1365 words (3.9 pages)
- The Salem witch trials of 1692 caused much confusion and chaos. A total of 19 were executed for supposed witchcraft. For such a travesty to occur and to end, there must be certain people that catalyze the event and others that speak out against it. In "The Crucible" by Arthur Miller, specific characters contribute to the rising hysteria of witchcraft and the disapproval of the convictions. Reverend Hale is a unique character that provides attributions to both sides. Although Reverend Hale is a catalyst to the beginning of the witch trials because he protects the authority of the court with a strict interpretation of its laws, he later realizes the falsehood of the court's accusations, and h... [tags: Essay on The Crucible]
977 words (2.8 pages)
- Hale and Parris in Arthur Miller's The Crucible At the end of the play, Hale is admired and Parris is despised. The two men are intentionally different in character; Hale is the better of them. He seeks justice while Parris thinks of himself. From as early as Parris' first stage direction "(scrambling to his feet in a fury)" he is worried and nervous, which at first thought could illustrate worry for his daughter's life but when, later on, he says "â€¦my ministry's at stake, my ministry and perhaps your cousin's life" to Abigail, he illustrates the fact that he cares more for his parish than he does for the well being of his own family.... [tags: Essay on The Crucible]
842 words (2.4 pages)
- Salem Witchcraft Trials in The Crucible by Arthur Miller Throughout society and throughout literature, vulnerable communities under certain conditions can be easily taken advantage of by a person or group of people presumed innocent. In the play, “The Crucible” by Arthur Miller, there are three main factors that allowed the girls fallacious stories to be believed: Salem’s flawed court system, its lack of diversity in beliefs and religion, and the lack of a strong leader in the town. Although Abigail and the girls initiated the accusations, the responsibility lies with the entire community.... [tags: The Crucible Arthur Miller Witchcraft Essays]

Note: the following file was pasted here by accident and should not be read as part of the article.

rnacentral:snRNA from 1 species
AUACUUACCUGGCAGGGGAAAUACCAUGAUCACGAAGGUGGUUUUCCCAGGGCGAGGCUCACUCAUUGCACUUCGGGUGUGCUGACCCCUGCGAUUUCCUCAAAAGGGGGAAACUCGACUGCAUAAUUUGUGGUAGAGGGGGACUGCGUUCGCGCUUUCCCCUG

797 words (2.3 pages)
- A crucible is a severe test as of patients or belief, a trial. The play The Crucible is a journey through the trials of many townspeople caused by the superstitious belief of witchcraft. In The Crucible, Arthur Miller progresses and evolves the outlooks and views of the townspeople of Salem and shows how events, people, and catastrophes cause the characters to change their views on whether the people prosecuted were guilty or innocent of witchcraft. Reverend John Hale changes his view, more and more drastically as the play advances, as a result of the events that he underwent and the experiences he had.... [tags: Essay on The Crucible]
1027 words (2.9 pages)
- The tragic tale of the Salem Witch Trials in Massachusetts was re-written by Arthur Miller in the form of the play “The Crucible”. The trials have been studied to figure out what really happened, but no one will ever know since it happened decades ago. The play is the closest reenactment we have to help us see how people could have reacted to life. “The Crucible” shows how using others as a cushion to keep from being punished can go extremely bad. Amidst all the chaos a man by the name Reverend John Hale came to help but ended up with making it a huge amount worse.... [tags: Essay on The Crucible]
621 words (1.8 pages)